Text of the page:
1.12 The Satisfiability Problem (SAT) SATISFIABILITY INSTANCE: Set U of variables and a collection C of clauses over U. QUESTION: Is there a satisfying truth assignment for C? Example #1: U = {u 1, u 2 } C = {{ u 1, u 2 }, { u 1, u 2 }} Answer is “yes” - satisfiable by make both variables T Example #2: U = {u 1, u 2 } C = {{ u 1, u 2 }, { u 1, u 2 }, { u 1 }} Answer is “no”

1.13 Satisfiability, Cont. What would be a simple algorithm for SAT?  Build a truth table  Running time would be (at least) O(n2 m )  m is the number of variables  n is the length of the expression  see pages 7 and 8 from the book Is a more efficient algorithm possible?  probably… How about one with polynomial running time?  Come see me if you find one!  A live white turkey and a Stanford job awaits…

1.14 General Points We are interested in the “border” between exponential and polynomial.  Given a problem, is there a polynomial time algorithm for it, or are all algorithms for it exponential in running time? We are not interested in what the specific polynomial or exponential is, “per se.”  Although the theory can be modified/refined to consider these. => Simplistically and inaccurately speaking, saying that a problem is “NP-complete” or “NP-hard” is essentially saying that there is no (deterministic) polynomial time algorithm for that problem.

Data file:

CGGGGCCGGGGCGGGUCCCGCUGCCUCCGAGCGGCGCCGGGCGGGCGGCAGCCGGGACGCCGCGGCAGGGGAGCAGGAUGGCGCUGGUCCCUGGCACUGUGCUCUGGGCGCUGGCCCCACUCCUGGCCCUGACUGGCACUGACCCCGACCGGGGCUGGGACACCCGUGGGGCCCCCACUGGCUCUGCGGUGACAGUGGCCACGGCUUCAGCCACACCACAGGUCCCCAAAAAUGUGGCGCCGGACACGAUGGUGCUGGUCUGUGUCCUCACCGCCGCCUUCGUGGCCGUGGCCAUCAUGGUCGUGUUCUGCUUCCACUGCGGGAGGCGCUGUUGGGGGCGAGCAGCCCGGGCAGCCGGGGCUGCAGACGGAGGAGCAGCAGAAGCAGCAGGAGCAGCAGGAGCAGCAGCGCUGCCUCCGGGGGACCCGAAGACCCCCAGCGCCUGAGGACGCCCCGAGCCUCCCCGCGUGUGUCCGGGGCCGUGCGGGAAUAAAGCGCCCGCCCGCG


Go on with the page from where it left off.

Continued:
1.15 General Points, Cont. Polynomial time does not necessarily imply practical.  O(n 1000 )  O(n 2 ) could be 10,000,000n 2 NP-complete/NP-hard/intractible does not necessarily imply that their aren’t useful, practical algorithms.  Our measures are worst-case, and average case may not be all that bad, e.g., quicksort is O(n 2 ) worst case, but O(nlogn) on average.  In theory, an algorithm could have worst-case running time O(2 n ) because of one case, and O(n 2 ) average  Simplex algorithm for linear programming  Branch-and-bound algorithm for knapsack problem.  isn’t all that bad.

1.16 General Points, Cont. Proving a problem is NP-complete or NP-hard is just the beginning:  Heuristic development and analysis (the problem doesn’t go away)  Special cases of the problem may be solvable in polynomial time  Sub-exponential time algorithms may exist.

1.17 General Description of the Theory We will describe a class of (decision) problems called NP. NP consists of those decision problems that can be solved in Non- deterministic Polynomial time  Holy cow! What is that, and how could it be possibly be important? Why decision problems?  Simplicity  Convenience  No loss of generality in doing so NP